What is IP Reputation?
It is simple. All email must originate from an IP address, and IP reputation can be used to tell if a certain IP Address is responsible for sending Spam or Unwanted Bulk Email (UBE). And it is extremely effective, stopping between 80-95% of all inbound connections at ISP’s and sometimes more.
It is up to the person who owns that IP to be responsible for what comes out of that IP Address, and if they don’t stop spam from originating they can get a reputation for that behavior. Almost every large company, ISP and email server uses it to some extent. Otherwise they would have to process almost 20 times as much email as they would without it.
And there are many companies and resources that track that type of behavior, and create IP reputation lists. Often those lists are used to completely reject email coming from that IP Address. And these lists are compiled from data that shows that IP Address is responsible for only certain types of behavior. The following is some examples:
- The IP Address belongs to a system that is NOT an email server.
- It might be an infected personal computer
- It might be an compromised web server
- The IP Address belongs to an ISP or email server that doesn’t prevent outbound spam
- The IP Address belongs to an ISP that doesn’t respond to Spam complaints
- The IP Address belongs a known spammer
- The IP Address belongs to an email protection device or server that does ‘BackScatter’
- The IP Address belongs to a company that allows mass email marketing campaigns
Some of these lists are freely available, some you have to pay for, and some are privately maintained. There are literally hundreds of such IP Reputation lists, operated by companies such as SpamHaus, SpamCop, SpamRats, SORBS, UCE-Protect and others. The nice thing about these lists is that is often how companies find out they are leaking Spam in the first place. It is also a motivator for companies to fix the problem.
And checking the IP Address is the easiest thing for email servers to check before accepting email.
Resource: Spam-related Reputation Lists:
SpamRats list lookup: http://www.spamrats.com/
SpamCop list lookup: https://www.spamcop.net/bl.shtml
Spamhaus list lookup: https://www.spamhaus.org/lookup/
SORBS list lookup: http://www.sorbs.net/lookup.shtml
Resource: Mass Email Marketing Reputation List:
MIPSPACE list lookup: http://www.mipspace.com/
Of course, some times using IP reputation can stop legitimate email. Sometimes an IP Address will change owners, and sometimes an IP Address will be listed because too many other IP Addresses from the same company are responsible for UBE. Or, it could be that another email account on the server you use was compromised, and you are affected. Normally most lists allow removal of IP Addresses easily, quickly and quite simply, except where too many repeated cases occur, some list operator may prevent the removal until the owner of the IP address does something to correct the repeated problem. This actually helps to make the internet a better place.
If you are an end user, and you reached this page the problem is with your ISP and/or email administrator. It is their job to ensure that they don’t gain a reputation for sending unwanted email. There are many alerting systems and lookup tools to make sure that they don’t get listed on such IP reputation lists. And if your ISP does not do anything to address the reasons they get on such IP reputation lists, consider either changing ISP’s or you will have to get all your friends to whitelist your email address in order to get email from you.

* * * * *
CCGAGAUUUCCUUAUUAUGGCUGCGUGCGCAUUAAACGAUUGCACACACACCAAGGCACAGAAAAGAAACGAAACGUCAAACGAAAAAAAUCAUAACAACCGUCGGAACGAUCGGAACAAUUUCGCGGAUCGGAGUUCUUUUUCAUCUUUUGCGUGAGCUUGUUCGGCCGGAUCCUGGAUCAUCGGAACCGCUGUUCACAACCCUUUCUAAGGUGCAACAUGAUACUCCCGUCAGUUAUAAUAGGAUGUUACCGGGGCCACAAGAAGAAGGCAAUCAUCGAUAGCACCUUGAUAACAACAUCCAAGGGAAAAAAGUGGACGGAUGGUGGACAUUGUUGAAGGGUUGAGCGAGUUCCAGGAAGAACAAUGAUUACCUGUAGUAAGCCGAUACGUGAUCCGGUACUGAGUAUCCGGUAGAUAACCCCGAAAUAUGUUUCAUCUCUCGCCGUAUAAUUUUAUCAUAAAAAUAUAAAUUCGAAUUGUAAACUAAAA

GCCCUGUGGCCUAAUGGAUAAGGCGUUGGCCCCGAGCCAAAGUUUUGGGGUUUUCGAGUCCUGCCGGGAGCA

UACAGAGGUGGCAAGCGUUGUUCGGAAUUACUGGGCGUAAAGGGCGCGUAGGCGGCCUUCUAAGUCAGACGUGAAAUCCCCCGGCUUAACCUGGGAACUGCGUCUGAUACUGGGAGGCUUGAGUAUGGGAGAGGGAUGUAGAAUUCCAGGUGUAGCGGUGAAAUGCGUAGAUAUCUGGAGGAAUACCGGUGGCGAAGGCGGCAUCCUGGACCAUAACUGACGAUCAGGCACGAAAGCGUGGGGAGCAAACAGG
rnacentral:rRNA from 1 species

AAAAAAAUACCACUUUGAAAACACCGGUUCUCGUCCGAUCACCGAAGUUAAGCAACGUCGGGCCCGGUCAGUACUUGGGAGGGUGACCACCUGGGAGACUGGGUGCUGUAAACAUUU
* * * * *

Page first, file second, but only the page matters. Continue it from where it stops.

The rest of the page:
If you are the operator of an email server and find that you are listed in one of those lookup tools, then it behooves you not only to remove yourself, but to figure out why you got listed in the first place.
The following are the most common reasons for Spam Leakage from your email servers:
- Free Email signups by Spammers
- Compromised accounts, bad passwords, stolen passwords
- Filter bounces messages to forged or wrong addresses
- Over Quota or Virus Bounces
- Bad Vacation Message or Email Forwarding system
- Not checking for Valid USers properly
- No rate limiters
MagicMail servers take advantage of IP Reputation lists. However they usually only need to check a few lists to get most protection. If you received a message similar to the following:
10.0.0.1 does not like recipient. Remote host said: 550-Your message was rejected by this user and was not delivered. 550-Reason: This system uses BMS to check your IP address reputation, and was rejected 550-Protection provided by: MagicMail version 1.1.1 (http://magicmail.linuxmagic.com) 550-For more information, please visit the URL: 550-http://www.linuxmagic.com/power_of_ip_reputation.html 550-or contact your ISP or mail server operator. Giving up on 10.0.0.1
You can check your IP Address using the form at BMS Lookup Tool and it should show you what IP reputation list the user or the email server was using that you were listed on, and you can go to that site to get yourself removed. PLEASE, check your server over to find out why you got listed in the first place otherwise you may get listed again. Then you can contact the list administrators via their websites.
An example of how great IP reputation can be, since virus infected home PC’s are the single biggest source of Spam on the internet, if you had all the IP addresses of all home style connections (DUL/Dynamic/Dialup/Hotspots) then spammers would not be able to use that to spread new viruses by email. One such database at SpamRats for instance has over 25 million such IP’s listed and blocks over 50% of Spam alone. If your ISP is using such lists, this is the single best way block ‘BotNet’ spam.